It’s more than a relief to have Trump out of office. I feel like I can be proud to be an American again, instead of sick with shame. I’m hopeful for the changes Biden & Harris will be able to make now that the Democrats have a slight majority in the Senate, putting Mitch McConnell out of the power seat there. Plus, Harris is the deciding vote in the event of a tie, so we should be able to get some things passed. Like more COVID relief money for small businesses and individuals to help both them and the economy. And at least a move towards a better health care system and more equitable distribution of wealth. And, thank God, an improvement in foreign relations.

On a sad note, the COVID-19 death toll in the U.S. is now over 400,000. And infection rates are climbing rapidly again due to a new coronavirus variant that’s more contagious than the first one. It doesn’t seem to be more deadly, as far as they can tell at this point, but it does mean a higher infection rate and more strain on the healthcare system that’s already well beyond overloaded.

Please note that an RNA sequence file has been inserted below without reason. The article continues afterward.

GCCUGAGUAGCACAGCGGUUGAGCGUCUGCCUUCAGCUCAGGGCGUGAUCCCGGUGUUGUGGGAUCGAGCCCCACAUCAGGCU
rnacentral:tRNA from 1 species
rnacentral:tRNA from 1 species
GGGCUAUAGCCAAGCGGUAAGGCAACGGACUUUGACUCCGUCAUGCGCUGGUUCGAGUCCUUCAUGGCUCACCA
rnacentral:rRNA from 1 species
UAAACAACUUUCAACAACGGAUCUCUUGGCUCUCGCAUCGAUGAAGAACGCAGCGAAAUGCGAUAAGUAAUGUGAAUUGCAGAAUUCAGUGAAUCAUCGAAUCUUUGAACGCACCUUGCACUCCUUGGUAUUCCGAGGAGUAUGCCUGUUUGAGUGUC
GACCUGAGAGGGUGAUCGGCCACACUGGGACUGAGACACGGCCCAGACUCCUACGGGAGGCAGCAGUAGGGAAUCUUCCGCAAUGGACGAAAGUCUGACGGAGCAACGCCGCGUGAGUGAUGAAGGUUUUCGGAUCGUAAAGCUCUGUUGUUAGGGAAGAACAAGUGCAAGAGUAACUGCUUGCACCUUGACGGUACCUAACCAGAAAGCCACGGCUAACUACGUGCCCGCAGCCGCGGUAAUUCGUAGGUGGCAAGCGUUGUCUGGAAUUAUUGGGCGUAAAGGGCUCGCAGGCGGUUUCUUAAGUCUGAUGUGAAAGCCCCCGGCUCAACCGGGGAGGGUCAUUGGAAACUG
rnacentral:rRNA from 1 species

Yesterday was a ray of light in the darkness, though. It was just what I needed right now.

(I’ve always thought of Katy Perry as a lightweight pop star, which she was before. But this performance knocked it out of the park. I’ll have to start giving her more credit now.)

Pandemic Diary 10 Jan 2021

Didn’t think I’d still be writing this in 2021. Looks like I’ll be writing it for most of this year, too.

I couldn’t write anything last week because it was all too awful. We’re setting record highs for COVID deaths at 4,000/day. And on 6 January, Trump incited a mob to storm the Capitol building where a joint session of Congress was completing the final ritual of confirming the Electoral College votes. Trump held a rally outside the building an hour before the session started and told his followers to “fight” for their rights. So they stormed the Capitol, smashing through bullet-proof windows with flagpoles and wood from the barricade they’d crossed. It was a sight I never imagined seeing here in America.

There’s a lot to say about it, but I don’t want to write that much. This song by Nanci Griffith from the late 1980s has been in my head all week.